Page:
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In Session: Biopolitical Vietnam
4: Psychopharmaceutical Adherence and Family Caregivers in Postreform Vietnam
Tuesday, March 23, 2021
12:00pm – 1:30pm EDT
Bucknell University, United States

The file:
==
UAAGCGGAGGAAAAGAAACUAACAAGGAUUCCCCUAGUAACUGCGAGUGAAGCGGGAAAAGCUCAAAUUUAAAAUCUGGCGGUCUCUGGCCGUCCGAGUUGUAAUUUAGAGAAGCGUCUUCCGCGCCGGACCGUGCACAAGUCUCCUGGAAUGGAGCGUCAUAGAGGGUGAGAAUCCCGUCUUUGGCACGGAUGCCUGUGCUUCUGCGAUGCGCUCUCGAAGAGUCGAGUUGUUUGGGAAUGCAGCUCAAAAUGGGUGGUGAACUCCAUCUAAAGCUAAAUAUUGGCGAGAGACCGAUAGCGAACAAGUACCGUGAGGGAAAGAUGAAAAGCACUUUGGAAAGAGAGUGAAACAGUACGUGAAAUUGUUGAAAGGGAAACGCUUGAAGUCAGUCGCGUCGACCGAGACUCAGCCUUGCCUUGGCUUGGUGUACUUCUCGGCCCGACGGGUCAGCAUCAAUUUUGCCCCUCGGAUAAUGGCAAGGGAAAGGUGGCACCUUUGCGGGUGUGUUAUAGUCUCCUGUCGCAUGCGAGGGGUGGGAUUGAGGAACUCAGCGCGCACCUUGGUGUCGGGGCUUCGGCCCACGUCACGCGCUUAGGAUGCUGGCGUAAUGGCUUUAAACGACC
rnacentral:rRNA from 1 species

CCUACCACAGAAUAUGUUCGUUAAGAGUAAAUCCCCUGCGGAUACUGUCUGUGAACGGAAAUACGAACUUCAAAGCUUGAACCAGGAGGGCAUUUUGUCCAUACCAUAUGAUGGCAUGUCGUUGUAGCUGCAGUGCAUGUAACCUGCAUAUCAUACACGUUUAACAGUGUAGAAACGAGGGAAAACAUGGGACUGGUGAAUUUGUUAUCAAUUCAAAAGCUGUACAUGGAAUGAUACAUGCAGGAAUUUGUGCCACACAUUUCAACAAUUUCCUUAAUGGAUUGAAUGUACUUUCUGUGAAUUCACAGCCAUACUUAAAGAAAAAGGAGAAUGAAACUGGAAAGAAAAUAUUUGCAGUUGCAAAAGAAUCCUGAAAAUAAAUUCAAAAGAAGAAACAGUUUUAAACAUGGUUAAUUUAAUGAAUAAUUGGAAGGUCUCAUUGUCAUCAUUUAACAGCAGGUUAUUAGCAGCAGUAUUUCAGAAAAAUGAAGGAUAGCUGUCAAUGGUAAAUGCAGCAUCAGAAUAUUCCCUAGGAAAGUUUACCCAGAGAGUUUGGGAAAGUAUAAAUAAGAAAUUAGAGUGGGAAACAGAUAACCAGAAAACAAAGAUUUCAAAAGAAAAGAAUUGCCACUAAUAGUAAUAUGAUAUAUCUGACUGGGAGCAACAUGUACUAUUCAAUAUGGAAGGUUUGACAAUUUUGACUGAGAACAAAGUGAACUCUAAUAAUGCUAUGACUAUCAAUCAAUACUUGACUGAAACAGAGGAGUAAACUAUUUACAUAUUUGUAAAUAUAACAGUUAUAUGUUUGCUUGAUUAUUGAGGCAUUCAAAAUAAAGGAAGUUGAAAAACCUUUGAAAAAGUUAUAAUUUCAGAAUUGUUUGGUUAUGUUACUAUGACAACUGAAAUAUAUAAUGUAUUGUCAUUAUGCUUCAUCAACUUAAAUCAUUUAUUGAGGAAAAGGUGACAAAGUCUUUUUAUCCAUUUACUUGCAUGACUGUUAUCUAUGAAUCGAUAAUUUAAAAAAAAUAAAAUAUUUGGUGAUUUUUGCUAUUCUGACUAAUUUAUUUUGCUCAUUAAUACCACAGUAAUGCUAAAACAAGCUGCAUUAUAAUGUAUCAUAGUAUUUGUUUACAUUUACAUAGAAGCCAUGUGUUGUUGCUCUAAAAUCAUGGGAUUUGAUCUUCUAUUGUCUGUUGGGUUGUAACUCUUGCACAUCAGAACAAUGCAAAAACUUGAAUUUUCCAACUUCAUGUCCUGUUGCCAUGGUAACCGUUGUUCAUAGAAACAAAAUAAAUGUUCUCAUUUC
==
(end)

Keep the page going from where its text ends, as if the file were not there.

This presentation examines the role of family caregivers (người thân or người nhà) in adherence to psychopharmaceuticals in Ho Chi Minh City. Vietnam has one of the highest rates of nonadherence to prescription drugs in the world (Okumura, Wakai, and Umenei 2002). Recent theorizing on medicine and biopolitics describes psychopharmaceuticals as a technology of a deinstitutionalizationed and individuated self (Rose 2003). Drug compliance has become a means for patients to manage themselves in the wake of decreased state welfare programs (Buus 2014, Brijnath and Antoniades 2016). For example, in the West, adherence to potentially life-long medications suggests the internalization of a medicalized framework of everyday life (D’Arcy 2019). In Vietnam, however, doctors stress the importance of adherence without the expected calls for self care. Rather, these injunctions are directed at the family caregivers in attendance at the patient’s consultations. That is, adherence is framed as a project of familial care. The manner in which Vietnamese families become enrolled in and, in turn, negotiate medicine taking is not simply a dilution of biopolitical projects but an extension of them into the family. Challenging the state-citizen binaries that characterize Vietnam studies (c.f. Gammeltoft 2014), caregivers’ role in medicine taking indicates that the family is not simply a buffer against or a conduit for biopolitical governance. Here, adherence relies less on the responsibilization of the patient than on caregivers’ labor and relationships.